The Provision of Online Counselling for Young People

The Provision of Online Counselling for Young People

Marilyn Anne Campbell (Queensland University of Technology, Australia) and Kevin Glasheen (Queensland University of Technology, Australia)
DOI: 10.4018/978-1-61350-204-4.ch001
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A substantial group of young people experience mental health problems, which impact their educational development and subsequent wellbeing. Of those who do suffer from mental health issues, a minority of these seek appropriate professional assistance. This paucity of help seeking behaviours among young people is a challenge for counsellors. Whereas adults who suffer mental health issues have increasingly turned to the internet for assistance, it is interesting that when young people, whose social lives are increasingly dependent on the communication technologies, are not catered to as much as adults by online counselling. One small online counselling pilot program conducted at a Queensland secondary school for three years (from 2005-2007) (Glasheen & Campbell, 2009) offered anonymous live-time counselling from the school counsellor (via a secure chat room) to students through the school’s website. Findings indicated that boys were more likely to use the service than girls. All participants transitioned to face-to-face counselling, and all reported it was beneficial. This pilot study attested to the potential of online counselling. However, school counselors, as a professional group, have been hesitant to utilise online counselling as part of their service delivery to young people in schools. This chapter concludes by identifying reasons for this reluctance and possible initiatives to increase online support for young people in schools.
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The increasing prevalence of mental health difficulties among young people is of major concern in Australian society (Sawyer, et al., 2001). Major mental health problems and mental disorders have their peak period of onset during adolescence with half of all lifetime cases of mental disorders starting by age 14 (Kessler, Avenevoli, & Merikangas, 2005). Onset in early adolescence is also increasing (Mitchell, 2000) and has profound and long-lasting implications for the health and wellbeing of Australian adults: their productive engagement in society and achievements.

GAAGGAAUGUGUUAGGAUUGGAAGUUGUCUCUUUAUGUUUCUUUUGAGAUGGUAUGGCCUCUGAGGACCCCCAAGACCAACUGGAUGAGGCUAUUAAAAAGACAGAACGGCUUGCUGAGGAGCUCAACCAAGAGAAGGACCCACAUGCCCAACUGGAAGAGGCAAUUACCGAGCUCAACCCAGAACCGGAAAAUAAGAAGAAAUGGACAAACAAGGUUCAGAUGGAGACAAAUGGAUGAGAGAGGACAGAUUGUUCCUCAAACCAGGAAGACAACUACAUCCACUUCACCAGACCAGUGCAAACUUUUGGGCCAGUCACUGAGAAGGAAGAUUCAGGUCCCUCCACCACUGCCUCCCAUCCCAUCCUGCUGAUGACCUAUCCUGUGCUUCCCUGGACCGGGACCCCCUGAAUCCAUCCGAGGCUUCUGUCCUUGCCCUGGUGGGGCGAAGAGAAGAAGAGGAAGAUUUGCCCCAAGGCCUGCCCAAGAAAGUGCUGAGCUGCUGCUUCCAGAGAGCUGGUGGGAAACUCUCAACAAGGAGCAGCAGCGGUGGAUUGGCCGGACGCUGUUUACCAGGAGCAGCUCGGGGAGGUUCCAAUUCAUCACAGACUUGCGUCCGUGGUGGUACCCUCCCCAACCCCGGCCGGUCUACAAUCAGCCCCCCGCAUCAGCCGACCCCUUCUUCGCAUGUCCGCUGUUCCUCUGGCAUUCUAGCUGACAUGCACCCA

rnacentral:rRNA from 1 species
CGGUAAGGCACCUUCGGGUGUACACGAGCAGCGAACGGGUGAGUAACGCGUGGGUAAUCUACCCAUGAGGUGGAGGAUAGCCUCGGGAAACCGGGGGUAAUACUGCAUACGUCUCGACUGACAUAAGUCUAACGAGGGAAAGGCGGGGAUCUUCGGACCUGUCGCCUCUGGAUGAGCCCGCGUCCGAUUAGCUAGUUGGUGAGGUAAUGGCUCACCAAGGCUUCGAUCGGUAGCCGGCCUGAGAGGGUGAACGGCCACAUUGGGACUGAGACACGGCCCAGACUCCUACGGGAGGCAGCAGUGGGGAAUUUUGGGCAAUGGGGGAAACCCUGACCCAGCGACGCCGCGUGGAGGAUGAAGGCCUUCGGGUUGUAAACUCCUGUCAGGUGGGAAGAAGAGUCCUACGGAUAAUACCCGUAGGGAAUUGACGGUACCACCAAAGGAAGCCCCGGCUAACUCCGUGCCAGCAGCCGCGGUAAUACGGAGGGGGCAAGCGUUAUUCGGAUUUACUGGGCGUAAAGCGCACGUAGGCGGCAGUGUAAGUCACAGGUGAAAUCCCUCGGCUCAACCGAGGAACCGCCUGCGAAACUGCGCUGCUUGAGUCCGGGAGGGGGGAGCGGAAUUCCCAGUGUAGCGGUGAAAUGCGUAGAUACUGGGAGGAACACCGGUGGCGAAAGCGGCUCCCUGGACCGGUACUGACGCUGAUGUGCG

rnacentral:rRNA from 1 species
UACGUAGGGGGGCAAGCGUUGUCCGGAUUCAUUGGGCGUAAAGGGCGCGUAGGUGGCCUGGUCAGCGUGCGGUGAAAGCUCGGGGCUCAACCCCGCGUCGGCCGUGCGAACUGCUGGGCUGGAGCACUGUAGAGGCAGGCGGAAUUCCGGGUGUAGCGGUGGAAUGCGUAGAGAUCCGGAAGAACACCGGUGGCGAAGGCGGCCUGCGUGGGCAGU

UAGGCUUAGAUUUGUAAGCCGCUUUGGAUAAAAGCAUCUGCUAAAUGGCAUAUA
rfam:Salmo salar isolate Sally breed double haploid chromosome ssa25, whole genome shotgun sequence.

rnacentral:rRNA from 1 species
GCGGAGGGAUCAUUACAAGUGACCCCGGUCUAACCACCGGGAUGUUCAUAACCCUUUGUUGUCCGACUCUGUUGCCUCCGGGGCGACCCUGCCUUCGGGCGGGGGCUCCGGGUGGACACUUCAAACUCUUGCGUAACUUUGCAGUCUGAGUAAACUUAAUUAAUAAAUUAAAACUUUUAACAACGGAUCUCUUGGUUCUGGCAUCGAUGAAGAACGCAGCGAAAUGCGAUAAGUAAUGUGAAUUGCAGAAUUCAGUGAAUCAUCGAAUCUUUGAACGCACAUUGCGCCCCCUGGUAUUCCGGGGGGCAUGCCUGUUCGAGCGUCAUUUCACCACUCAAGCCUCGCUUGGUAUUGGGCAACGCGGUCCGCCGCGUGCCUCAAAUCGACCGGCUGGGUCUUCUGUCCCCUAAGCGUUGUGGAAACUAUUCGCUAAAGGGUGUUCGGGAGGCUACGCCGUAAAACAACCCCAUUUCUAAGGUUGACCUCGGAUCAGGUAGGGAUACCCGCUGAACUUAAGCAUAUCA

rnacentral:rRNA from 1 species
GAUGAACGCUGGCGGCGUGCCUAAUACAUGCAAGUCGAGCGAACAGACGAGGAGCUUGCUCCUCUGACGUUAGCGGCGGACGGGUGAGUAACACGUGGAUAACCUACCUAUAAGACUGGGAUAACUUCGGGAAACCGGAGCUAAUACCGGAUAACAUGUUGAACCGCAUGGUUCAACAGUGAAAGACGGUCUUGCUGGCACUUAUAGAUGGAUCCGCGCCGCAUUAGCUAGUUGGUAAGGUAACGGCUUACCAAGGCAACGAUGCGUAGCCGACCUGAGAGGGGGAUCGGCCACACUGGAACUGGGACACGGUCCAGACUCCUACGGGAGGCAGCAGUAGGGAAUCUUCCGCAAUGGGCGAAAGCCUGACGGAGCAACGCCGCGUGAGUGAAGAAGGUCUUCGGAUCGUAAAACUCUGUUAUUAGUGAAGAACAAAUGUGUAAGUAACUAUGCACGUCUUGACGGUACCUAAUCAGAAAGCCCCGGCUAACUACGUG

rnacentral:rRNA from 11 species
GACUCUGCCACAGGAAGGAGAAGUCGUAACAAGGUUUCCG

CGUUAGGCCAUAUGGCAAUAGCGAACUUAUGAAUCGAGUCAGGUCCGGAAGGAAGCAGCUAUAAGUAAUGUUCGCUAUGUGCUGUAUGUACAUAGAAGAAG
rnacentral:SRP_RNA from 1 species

Young people with mental disorders and emotional and behavioural problems have lower academic achievement (Ialongo, Edelshon, Werthamer-Larsson, Crocker, & Kellam, 1995), peer relationship problems (Strauss & Forehand, 1987), impairments in general social competence (Messer & Beidel, 1994), more suicidal ideation and behaviour (Sawyer, et al., 2000), and engage more in smoking, harmful alcohol, and other drug use. The incidence of depression and anxiety amongst adolescents has profound consequences for their school performance, self-esteem, and relationships (Avenevoli, Knight, Kessler, & Merikangas, 2008; Woodward & Ferguson, 2001). More so than their urban peers, rural youth who are often isolated from appropriate professional help are more at risk of suicide (Boyd, et al., 2007; Molloy & Fox, 2002).

Reluctance of Young People to Seek Help

However, young people are reluctant to seek professional help for personal and psychological problems (Rickwood, Deane, Wilson, & Ciarrochi, 2005). In fact it has been estimated that only one in four of those with clinical symptoms of mental illness seek professional assistance (Birleson, Sawyer, & Storm, 2000). The barriers to help-seeking include stigma, fears regarding confidentiality, embarrassment, and lack of appropriate youth-friendly services (Rickwood, et al., 2005). Problems, such as depression and suicidal ideation, often negate seeking help in conventional ways (Wilson, et al., 2008). Further, the culture of rural communities, such as social visibility, lack of anonymity, rural culture of self-reliance, and lack of information about available services, mitigates against help-seeking (Boyd, et al., 2007). It has been established that boys are socialised to seek less help than girls and adolescent males seek less professional assistance than adolescent females (Rickwood, et al., 2005). A survey of young male callers to Kids Help Line, a national telephone and online counselling service for youth, found that although nearly half (49%) wanted to discuss their emotional experiences but were concerned that people would react negatively, and they would be judged as crazy or uncool. Additionally, they were afraid of being seen as weak and therefore concerned about being teased (Glasheen, 1998). This is of concern as young men in Australia experience poorer educational outcomes, and higher rates of incarceration, illness and completed suicides than young women (Sawyer, et al., 2001). These realities highlight the need to instigate strategies and preventative processes that assist young people to seek help at this crucial time of their development (Birleson, et al., 2000). One way for young people to seek help is online.

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